Rubberduck has had a decent unit testing feature since 1.0. Version 1.1 introduced a concept of code inspections – a proof of concept really, a sketch of a vision of what we wanted Rubberduck to do with the VBA code in the IDE.
Upcoming version 1.2 has undergone massive changes in the parsing strategy – going from a home-made regex-based solution to a full-blown ANTLR [slightly modified] Visual Basic 6.0 grammar generating a lexer and parser. As a result, code inspection capabilities have gone exactly where we envisioned them from the start.
Here’s what version 1.2 can find in your VBA code (in alphabetical order):
- Implicit ByRef parameter
- Implicit Variant return type (function/property get)
- Multiple declarations in single instruction
- Function return value not assigned
- Obsolete Call statement
- Obsolete Rem statement
- Obsolete Global declaration
- Obsolete Let statement
- Obsolete type hint
- Option Base 1 is potentially confusing
- Option Explicit is not specified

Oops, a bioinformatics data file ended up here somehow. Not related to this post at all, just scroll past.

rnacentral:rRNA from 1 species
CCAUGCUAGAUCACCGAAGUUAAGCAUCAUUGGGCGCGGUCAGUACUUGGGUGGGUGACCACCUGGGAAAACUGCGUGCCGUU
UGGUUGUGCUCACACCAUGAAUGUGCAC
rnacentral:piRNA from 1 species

- Parameter can be passed by value
- Parameter is not used
- Variable is never assigned
- Variable is never used
- Variable type is implicitly Variant
And we have more on their way! …and that’s just code inspections.
Version 1.2 also introduces a Refactor menu, which allows extracting a method out of any valid selection – and future versions will allow inlining a method into its call sites, renaming any identifier (and updating its usages), reording/removing parameters from a signature (and updating usages), promoting a local variable to module-level, or extracting a whole interface out of a class module’s members… and more.
Version 1.2 also introduces an API for VBA code to integrate with GitHub source control, through the very same technology that allows Visual Studio 2013 to integrate with GitHub, using LibGit2Sharp. At this stage it’s pretty much what code inspections were in version 1.1: a proof of concept – but in future versions, expect to be able to manage source control for your VBA projects in a way similar to how you manage source control for your .NET projects – within the IDE itself!
Rubberduck 1.2 will hit hard… and our duck is still but a little duckling: VBA will never be the same when it grows all its, uh, rubber.